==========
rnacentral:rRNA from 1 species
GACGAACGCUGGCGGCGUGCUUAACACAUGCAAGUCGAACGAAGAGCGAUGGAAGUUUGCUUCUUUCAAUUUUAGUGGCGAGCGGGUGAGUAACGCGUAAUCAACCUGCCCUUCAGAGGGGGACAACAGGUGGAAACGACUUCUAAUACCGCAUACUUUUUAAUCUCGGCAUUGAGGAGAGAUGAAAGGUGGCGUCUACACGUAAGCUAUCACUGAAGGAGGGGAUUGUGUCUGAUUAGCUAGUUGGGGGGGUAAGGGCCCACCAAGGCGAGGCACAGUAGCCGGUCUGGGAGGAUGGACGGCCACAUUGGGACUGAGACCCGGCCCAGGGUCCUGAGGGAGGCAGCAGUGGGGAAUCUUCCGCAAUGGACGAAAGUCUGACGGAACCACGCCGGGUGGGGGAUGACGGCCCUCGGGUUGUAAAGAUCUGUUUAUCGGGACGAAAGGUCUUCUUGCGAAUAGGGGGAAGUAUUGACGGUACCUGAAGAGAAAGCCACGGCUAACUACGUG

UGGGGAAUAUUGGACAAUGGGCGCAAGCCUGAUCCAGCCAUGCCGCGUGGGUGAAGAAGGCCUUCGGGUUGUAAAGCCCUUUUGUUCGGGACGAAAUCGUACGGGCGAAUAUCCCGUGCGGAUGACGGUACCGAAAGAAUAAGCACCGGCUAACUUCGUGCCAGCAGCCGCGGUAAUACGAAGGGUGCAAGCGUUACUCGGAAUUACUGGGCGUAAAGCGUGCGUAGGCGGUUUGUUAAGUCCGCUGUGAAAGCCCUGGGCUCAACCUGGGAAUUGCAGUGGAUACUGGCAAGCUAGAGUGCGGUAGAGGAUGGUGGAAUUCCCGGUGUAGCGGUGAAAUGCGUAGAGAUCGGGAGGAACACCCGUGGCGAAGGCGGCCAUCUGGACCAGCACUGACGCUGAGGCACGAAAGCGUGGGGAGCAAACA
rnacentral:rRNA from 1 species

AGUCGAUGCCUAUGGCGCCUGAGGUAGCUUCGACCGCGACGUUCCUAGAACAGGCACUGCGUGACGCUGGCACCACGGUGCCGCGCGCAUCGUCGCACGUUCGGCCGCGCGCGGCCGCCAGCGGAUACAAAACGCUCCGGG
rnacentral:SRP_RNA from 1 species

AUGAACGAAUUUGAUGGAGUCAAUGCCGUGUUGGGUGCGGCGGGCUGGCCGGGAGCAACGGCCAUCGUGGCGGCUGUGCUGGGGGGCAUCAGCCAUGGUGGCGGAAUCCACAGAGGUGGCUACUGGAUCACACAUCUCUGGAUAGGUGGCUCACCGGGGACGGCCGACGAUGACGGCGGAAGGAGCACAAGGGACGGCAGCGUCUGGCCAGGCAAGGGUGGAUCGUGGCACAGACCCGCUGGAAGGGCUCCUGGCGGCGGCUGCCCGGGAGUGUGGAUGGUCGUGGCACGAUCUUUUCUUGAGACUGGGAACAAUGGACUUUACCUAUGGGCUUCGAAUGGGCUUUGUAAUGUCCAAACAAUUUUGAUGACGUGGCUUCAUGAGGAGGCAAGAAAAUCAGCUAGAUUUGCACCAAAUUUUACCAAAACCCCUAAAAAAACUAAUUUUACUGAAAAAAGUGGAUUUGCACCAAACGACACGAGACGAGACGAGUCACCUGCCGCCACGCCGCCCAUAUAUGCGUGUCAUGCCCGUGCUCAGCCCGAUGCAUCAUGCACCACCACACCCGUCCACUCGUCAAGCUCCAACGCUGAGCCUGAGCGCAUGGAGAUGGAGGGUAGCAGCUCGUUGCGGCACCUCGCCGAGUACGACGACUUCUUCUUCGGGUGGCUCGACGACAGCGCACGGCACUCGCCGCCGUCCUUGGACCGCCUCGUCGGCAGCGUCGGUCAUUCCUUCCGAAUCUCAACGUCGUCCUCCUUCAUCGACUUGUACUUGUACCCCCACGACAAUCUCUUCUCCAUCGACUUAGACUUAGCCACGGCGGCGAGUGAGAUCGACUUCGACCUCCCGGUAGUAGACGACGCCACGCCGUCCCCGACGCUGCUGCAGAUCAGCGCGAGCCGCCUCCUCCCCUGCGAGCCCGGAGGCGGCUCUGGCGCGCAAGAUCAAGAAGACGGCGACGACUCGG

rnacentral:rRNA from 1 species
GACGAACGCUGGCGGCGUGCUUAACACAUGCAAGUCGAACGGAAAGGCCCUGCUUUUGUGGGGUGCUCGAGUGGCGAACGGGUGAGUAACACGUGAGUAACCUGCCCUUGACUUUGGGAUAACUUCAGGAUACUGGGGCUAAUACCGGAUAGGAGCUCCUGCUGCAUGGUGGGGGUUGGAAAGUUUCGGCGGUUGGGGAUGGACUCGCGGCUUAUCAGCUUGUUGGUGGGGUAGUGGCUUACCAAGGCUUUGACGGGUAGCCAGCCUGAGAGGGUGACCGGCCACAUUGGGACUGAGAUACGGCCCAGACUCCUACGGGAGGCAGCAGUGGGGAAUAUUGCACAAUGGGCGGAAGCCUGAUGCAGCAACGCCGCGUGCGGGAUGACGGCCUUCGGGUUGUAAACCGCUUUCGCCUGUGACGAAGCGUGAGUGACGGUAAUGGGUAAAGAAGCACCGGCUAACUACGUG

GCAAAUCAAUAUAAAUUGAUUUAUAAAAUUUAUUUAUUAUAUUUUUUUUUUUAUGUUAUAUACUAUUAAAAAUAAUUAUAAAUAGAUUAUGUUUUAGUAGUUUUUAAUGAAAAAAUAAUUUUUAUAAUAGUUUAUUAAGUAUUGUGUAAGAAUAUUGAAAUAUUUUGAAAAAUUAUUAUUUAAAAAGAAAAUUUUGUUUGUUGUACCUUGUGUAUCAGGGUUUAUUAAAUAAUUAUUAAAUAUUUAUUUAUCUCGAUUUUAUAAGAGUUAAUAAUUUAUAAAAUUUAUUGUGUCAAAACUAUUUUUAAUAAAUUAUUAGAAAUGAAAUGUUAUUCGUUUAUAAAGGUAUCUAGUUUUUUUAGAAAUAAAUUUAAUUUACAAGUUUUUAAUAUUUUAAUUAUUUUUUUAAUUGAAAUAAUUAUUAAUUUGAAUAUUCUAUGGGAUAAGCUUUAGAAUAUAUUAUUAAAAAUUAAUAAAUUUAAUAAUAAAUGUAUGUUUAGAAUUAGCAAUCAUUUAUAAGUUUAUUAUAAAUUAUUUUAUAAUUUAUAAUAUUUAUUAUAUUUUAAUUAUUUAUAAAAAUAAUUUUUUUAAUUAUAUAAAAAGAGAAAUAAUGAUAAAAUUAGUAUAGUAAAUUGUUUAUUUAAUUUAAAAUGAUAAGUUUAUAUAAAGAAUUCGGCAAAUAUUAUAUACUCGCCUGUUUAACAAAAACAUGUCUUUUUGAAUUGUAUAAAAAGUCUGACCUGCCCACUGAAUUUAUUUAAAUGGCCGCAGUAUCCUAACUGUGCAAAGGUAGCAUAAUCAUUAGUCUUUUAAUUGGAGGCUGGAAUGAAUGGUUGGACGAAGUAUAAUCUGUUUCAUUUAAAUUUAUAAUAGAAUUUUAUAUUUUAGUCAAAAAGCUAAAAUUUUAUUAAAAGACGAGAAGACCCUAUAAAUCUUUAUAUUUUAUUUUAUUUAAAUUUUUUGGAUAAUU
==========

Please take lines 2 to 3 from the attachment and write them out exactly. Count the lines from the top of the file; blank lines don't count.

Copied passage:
GACGAACGCUGGCGGCGUGCUUAACACAUGCAAGUCGAACGAAGAGCGAUGGAAGUUUGCUUCUUUCAAUUUUAGUGGCGAGCGGGUGAGUAACGCGUAAUCAACCUGCCCUUCAGAGGGGGACAACAGGUGGAAACGACUUCUAAUACCGCAUACUUUUUAAUCUCGGCAUUGAGGAGAGAUGAAAGGUGGCGUCUACACGUAAGCUAUCACUGAAGGAGGGGAUUGUGUCUGAUUAGCUAGUUGGGGGGGUAAGGGCCCACCAAGGCGAGGCACAGUAGCCGGUCUGGGAGGAUGGACGGCCACAUUGGGACUGAGACCCGGCCCAGGGUCCUGAGGGAGGCAGCAGUGGGGAAUCUUCCGCAAUGGACGAAAGUCUGACGGAACCACGCCGGGUGGGGGAUGACGGCCCUCGGGUUGUAAAGAUCUGUUUAUCGGGACGAAAGGUCUUCUUGCGAAUAGGGGGAAGUAUUGACGGUACCUGAAGAGAAAGCCACGGCUAACUACGUG

UGGGGAAUAUUGGACAAUGGGCGCAAGCCUGAUCCAGCCAUGCCGCGUGGGUGAAGAAGGCCUUCGGGUUGUAAAGCCCUUUUGUUCGGGACGAAAUCGUACGGGCGAAUAUCCCGUGCGGAUGACGGUACCGAAAGAAUAAGCACCGGCUAACUUCGUGCCAGCAGCCGCGGUAAUACGAAGGGUGCAAGCGUUACUCGGAAUUACUGGGCGUAAAGCGUGCGUAGGCGGUUUGUUAAGUCCGCUGUGAAAGCCCUGGGCUCAACCUGGGAAUUGCAGUGGAUACUGGCAAGCUAGAGUGCGGUAGAGGAUGGUGGAAUUCCCGGUGUAGCGGUGAAAUGCGUAGAGAUCGGGAGGAACACCCGUGGCGAAGGCGGCCAUCUGGACCAGCACUGACGCUGAGGCACGAAAGCGUGGGGAGCAAACA